/Posthaste: Canada’s world-leading debt could be its downfall in global downturn, report warns

Posthaste: Canada’s world-leading debt could be its downfall in global downturn, report warns

Good Morning!

Canada is a world leader in debt. This is no secret. The Bank of Canada has identified household debt as one of the biggest risks to our economy, and a number of international bodies have also raised red flags.

Now a new economic report for the Macdonald-Laurier Institute argues that Canada’s combination of weak economic growth, a reliance on consumer and government spending and a rising debt load makes it particularly vulnerable to a global downturn.

How bad is our debt? Total credit for the non-financial sector in Canada as a proportion of GDP was 305.7% in the second quarter of 2019, according to the Bank for International Settlements. That’s higher than the average of Canada’s economic peers at 272.3%. Since 2008, that debt to GDP ratio has risen 32.5%, compared with an average rise of 13.8% in other advanced economies.

Why is it so high? The study’s author Philip Cross says one of the main reasons is ironically because our banking system and “borrowing reputation” escaped largely unscathed from the Financial Crisis. As a result debt levels never fell in Canada as they did in other countries, while historically low interest rates led to a steady increase in borrowing.

Households led that “borrowing binge” with debt rising to 100.3% of Canada’s GDP, the highest of any nation except Denmark (115%) and nearly twice the G20 average of 59.5%. (In the United States it’s 75%).

A growing number of bankruptcies is another disturbing trend. In the third quarter of 2019 insolvencies rose 14.5% from a year earlier. “If households already are having trouble managing their record debt levels when employment is high and interest rates low, these difficulties will multiply as the global economy continues to decelerate,” Cross wrote.

Cross said if exports slump in a global downturn, dominos would fall. “Lower corporate earnings from exports would lead to job cuts and falling household income, in turn squeezing government revenues. Falling domestic demand would reinforce lower export earnings.”

On the bright side, Cross says Canada’s debt problem is unlikely to trigger a banking crisis because of how our system is structured and financed.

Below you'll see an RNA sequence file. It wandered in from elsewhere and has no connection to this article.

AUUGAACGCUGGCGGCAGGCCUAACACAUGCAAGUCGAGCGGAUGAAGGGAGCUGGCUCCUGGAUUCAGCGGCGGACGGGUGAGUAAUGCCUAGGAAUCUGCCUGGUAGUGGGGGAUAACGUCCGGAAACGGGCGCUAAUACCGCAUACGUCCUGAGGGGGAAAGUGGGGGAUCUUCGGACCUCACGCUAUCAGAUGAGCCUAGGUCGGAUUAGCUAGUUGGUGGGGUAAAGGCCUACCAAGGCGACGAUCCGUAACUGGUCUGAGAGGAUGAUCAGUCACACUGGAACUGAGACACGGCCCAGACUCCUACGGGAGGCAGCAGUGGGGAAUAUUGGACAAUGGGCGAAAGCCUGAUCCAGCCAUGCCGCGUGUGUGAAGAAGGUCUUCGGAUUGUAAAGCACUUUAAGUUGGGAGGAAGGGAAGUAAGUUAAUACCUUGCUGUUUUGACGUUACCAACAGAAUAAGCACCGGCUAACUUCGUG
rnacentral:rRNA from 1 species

Here’s what you need to know this morning:



  • Bank of Canada deputy governor Paul Beaudry to give a speech on monetary policy and financial vulnerabilities in Quebec
  • Senior officials from Global Affairs Canada testify in Ottawa before the House of Commons Special Committee on Canada-China Relations
  • Heritage Minister Steven Guilbeault will discuss the current state of the screen-based industries and his vision for the future of Canadian content creation at the Prime Time 2020 conference in Ottawa. Bell Media president Randy Lennox and CBC CEO Catherine Tait take part in a panel discussion about the future of Canada’s public and private broadcasters
  • Cenovus CEO Alex Pourbaix to announce in Calgary multi-year investment in Indigenous communities near the company’s northern Alberta oilsands operations
  • CIBC hosts 23rd annual Western Institutional Investor Conference in Banff, Alberta. CN Rail CFO Ghislain Houle speaks
    Rod Phillips, Minister of Finance, will release Ontario’s 2019-20 Third Quarter Finances
  • Premier Doug Ford will deliver remarks at the 2020 Canada 360 Economic Summit in Toronto
  • Wet’suwet’en hereditary chiefs, B.C. Civil Liberties Association, and Union of BC Indian Chiefs hold a news conference about a policy complaint filed with the Civilian Review and Complaints Commission about RCMP actions at a checkpoint near the Coastal GasLink work site in Vancouver
  • Amazon.com Q4 conference call
  • Notable earnings: Open Text, Verizon Communications, Resolute Forest Products
  • Today’s Data: U.S. GDP

Canadian dealmaking rebounded in 2019, but as the chart below shows didn’t quite make the records of 2017. Deals gained 12% in 2019 from the year before, with issuers selling $402.1 billion in debt and equity, the latest edition of FP Dealmakers reveals today.
And the top dealmakers are …
RBC Capital Markets once again was top financier with 248 deals totalling $61.6 billion in debt and equity. TD Securities was second with 180 deals totalling $46.9 billion and in third place was BMO which also worked on 180 deals but raised $41.7 billion. For all the stories and the data go here FP Dealmaker 2020


— Please send your news, comments and stories to [email protected]. — Pamela Heaven @pamheaven

With files from The Canadian Press, Thomson Reuters and Bloomberg

Original Source